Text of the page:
But Almada does not only turn the lens onto herself–she turns it on the reader as well. In reminding us of the aestheticization of death and the way women are reduced to images, she makes the reader question their own desire for pictures of the dead. When she describes a photo of María Luisa showing “the body of a woman floating in the water,” she recalls the paintings by John Millais which feature the dead Ophelia from Hamlet. This floating figure, often sexualized and characterized as mad, pervades the cultural sphere, always deemed innocent but too otherworldly for this world. Like Hamlet’s Ophelia, the girls in Almada’s Dead Girls are silenced by the men around them.
And yet Almada probes the aestheticization of these girls to find another image of them, not the ones in the photos but the images generated by others: “I think we have to find a way of reconstructing how the world saw them. If we can understand how people saw the girls, we’ll be able to understand how they saw the world.” Pulling the reader in, she questions our understanding and our own desire to know how others saw them to “make sense” of this cruelty, alerting us to our search for logic even in the moments bereft of it.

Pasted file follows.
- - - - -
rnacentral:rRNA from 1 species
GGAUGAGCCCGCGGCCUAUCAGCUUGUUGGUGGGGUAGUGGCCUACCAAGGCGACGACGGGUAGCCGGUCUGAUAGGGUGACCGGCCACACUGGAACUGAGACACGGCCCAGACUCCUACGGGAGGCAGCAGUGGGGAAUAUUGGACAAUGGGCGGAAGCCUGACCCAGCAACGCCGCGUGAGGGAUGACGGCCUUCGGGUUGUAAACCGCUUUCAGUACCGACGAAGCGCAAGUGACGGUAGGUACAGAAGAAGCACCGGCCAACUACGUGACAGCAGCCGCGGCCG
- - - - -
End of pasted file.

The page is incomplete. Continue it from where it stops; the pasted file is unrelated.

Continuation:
At the end, we as readers are left with the psychological violence of feeling like the victims were interchangeable. In the epilogue, Almada writes, “We’re in the summer now and it’s hot, almost like the morning of November 16th, 1986 when, in a way, this book began to be written, when the dead girl crossed my path. Now I’m forty and, unlike her and the thousands of women murdered in my country since then, I’m still alive.” Turning her steady gaze on the reader, she succinctly but devastatingly makes her point: “Purely a matter of luck.”
Andrea Penman-Lomeli is a Ph.D. student in English at Columbia University and works in communications at SEIU Local 32BJ.